Now, when you have a disease that can be measured, for example diabetes, asthma, high blood pressure, etc. alternative therapy simply doesn´t work.  Because different trials have shown that  alternative  therapy is no better than placebo. A pill is horrible and I wish doctors would stop prescribing so many of them. But a pill is only released onto the market when it has been proven that is has a BETTER effect than placebo, while with alternative therapy that doesn´t happen. 
But not only this, if we look at the logic behind these alternative therapies we realize that there is no logic. For example, acupuncture bases itself on the principles that a ¨life force called qi flows through bodies along 12 channels or ¨meridians¨, and that illness and pain occur when qi cannot flow freely. Science cannot do a lot of things but it can measure energy, and ¨QI¨has never been found.
Homeopathy dilutes one drop of the original substance  in a hundred, thirty times over, meaning  that less than one part per million of the original solution is in the final product, but this doen´t matter because homoeopathist believe that ¨water has memory¨.
I will say, though, that most alternative therapists usually listen better to their clients, they create a greater bond than a doctor does with his client. If you are lucky the doctor will maybe give you 5 minutes and prescribes you something. I think this is horrible and something that should change. The best thing would be to combine both treatments, things that have been demonstrated to work in clinical studies, with the care and effort that alternative therapists treat their patients.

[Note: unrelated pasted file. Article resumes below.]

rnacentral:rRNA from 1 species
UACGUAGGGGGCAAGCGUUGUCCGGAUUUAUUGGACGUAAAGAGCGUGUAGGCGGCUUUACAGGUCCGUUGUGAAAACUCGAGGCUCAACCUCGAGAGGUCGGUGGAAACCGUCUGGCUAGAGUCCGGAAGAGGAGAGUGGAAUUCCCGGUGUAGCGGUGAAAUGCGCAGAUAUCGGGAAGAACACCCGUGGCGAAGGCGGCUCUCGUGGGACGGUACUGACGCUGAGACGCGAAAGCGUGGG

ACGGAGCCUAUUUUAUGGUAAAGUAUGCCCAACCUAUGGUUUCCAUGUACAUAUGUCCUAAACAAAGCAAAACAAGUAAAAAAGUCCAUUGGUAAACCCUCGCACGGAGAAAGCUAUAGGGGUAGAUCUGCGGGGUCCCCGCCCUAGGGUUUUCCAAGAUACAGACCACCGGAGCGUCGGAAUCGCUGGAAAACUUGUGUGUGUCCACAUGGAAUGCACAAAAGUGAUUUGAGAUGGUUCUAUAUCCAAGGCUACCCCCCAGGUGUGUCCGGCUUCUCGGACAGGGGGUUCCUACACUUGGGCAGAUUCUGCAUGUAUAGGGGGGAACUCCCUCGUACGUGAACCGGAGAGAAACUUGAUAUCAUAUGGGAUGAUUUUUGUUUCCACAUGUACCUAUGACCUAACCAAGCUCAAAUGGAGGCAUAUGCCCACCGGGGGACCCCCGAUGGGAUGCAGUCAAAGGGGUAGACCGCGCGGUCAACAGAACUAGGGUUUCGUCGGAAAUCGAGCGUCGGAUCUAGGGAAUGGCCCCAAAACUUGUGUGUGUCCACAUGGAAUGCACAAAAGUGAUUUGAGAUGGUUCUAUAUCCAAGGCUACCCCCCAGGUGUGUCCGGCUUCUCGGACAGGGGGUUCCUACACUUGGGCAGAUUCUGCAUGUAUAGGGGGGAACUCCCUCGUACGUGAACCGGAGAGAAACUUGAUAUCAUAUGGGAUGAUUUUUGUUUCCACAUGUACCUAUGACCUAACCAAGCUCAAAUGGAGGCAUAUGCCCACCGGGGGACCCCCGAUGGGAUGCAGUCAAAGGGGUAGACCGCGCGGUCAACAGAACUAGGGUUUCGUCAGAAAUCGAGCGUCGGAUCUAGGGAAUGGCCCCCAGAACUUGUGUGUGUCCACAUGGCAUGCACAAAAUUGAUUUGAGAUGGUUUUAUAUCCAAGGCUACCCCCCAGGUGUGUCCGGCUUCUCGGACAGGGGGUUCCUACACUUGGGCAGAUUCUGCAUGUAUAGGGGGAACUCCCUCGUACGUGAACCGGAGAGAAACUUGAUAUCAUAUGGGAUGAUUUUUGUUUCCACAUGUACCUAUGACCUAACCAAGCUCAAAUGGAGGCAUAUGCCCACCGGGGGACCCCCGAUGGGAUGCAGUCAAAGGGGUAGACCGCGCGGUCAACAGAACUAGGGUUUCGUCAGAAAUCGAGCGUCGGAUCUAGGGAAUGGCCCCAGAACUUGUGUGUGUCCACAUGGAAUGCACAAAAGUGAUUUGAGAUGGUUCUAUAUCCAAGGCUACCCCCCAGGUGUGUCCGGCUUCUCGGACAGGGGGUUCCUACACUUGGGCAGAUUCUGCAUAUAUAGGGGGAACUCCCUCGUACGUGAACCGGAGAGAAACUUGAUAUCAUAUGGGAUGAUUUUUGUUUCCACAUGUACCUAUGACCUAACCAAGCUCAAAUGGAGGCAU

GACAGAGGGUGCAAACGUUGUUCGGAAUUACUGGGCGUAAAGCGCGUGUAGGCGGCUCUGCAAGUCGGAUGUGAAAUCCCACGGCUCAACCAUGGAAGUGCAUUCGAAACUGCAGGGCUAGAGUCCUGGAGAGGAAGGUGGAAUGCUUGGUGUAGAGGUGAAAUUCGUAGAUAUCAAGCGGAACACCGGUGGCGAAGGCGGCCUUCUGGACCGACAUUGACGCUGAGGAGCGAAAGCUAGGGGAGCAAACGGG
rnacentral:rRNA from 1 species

So in conclusion: I believe those patients 100% when they say that the alternative therapy worked for them… but it´s not for the reasons why they think it worked.
References
  1. Singh S, Ernst E. Trick or Treatment? Alternative medicine on trial. Transworld Publishers.2009
  2. Shang A, Huwiler-Müntener K, Nartey L, Jüni P, Dörig S, Sterne JA, Pewsner D, Egger M. Are the clinical effect of homeopathy placebo effects? Comparative study of placebo-controlled trials of homoepathy and allopathy. Lancet.2005
  3. Ernst E. Homeopathy: what does the ¨best¨evidence tell us? Med J Aust. 2010 Apr 19;192(8):458-60.
  4. Ernst E, Lee MS, Choi TY. Acupuncture: does it alleviate pain and are there serious risks? A review of reviews. Pain. 2011:152:755-64.
  5. Shang A, Huwiler-Müntener K, Nartey L, Jüni P, Dörig S, Sterne JA, Pewsner D, Egger M. Are the clinical effect of homeopathy placebo effects? Comparative study of placebo-controlled trials of homoeopathy and allopathy. Lancet.2005
  6. David Colquhoun (UCL) and Steven Novella (Yale). acupuncture is a theatrical placebo. Anesthesia & Analgesia, June 2013 116:1360-63
  7. Asbjørn Hróbjartsson, M.D., and Peter C. Gøtzsche, M.D. Is the Placebo Powerless?-An analysis of clinical trials comparing Placebo with no Treatment.N Engl J Med 2001; 344:1594-1602.

Alternative medicine part 2: subjectively – objectively

Anyone who has followed me knows that I am not a big fan of alternative medicine. Not because I have anything against it, it is just because it doesn´t really work. Study after study has found that alternative medicine is just NO good (1-4), and when they have found that something really works, well, it stopped being called alternative medicine and started being called MEDICINE.

The thing is, sometimes when you visit one of these ¨alternative therapists¨, you may come out feeling better and thinking ¨his medicine or therapy is working¨. Now, a couple of factors may come into play why ¨his therapy may be working¨,  like the ones I mentioned  in one of my previous blogs (click here). But, people sometimes don´t understand this quite well so I want to explain it with an example.

Three years ago they did a study on asthma (5). Now, I first want to mention that we know how to treat asthma. If you have asthma and take your medication you probably won´t have any problems and can live a normal life. However, if asthma is not treated properly it can lead to complications and even death. annually 250,000 people worldwide die due to asthma (6).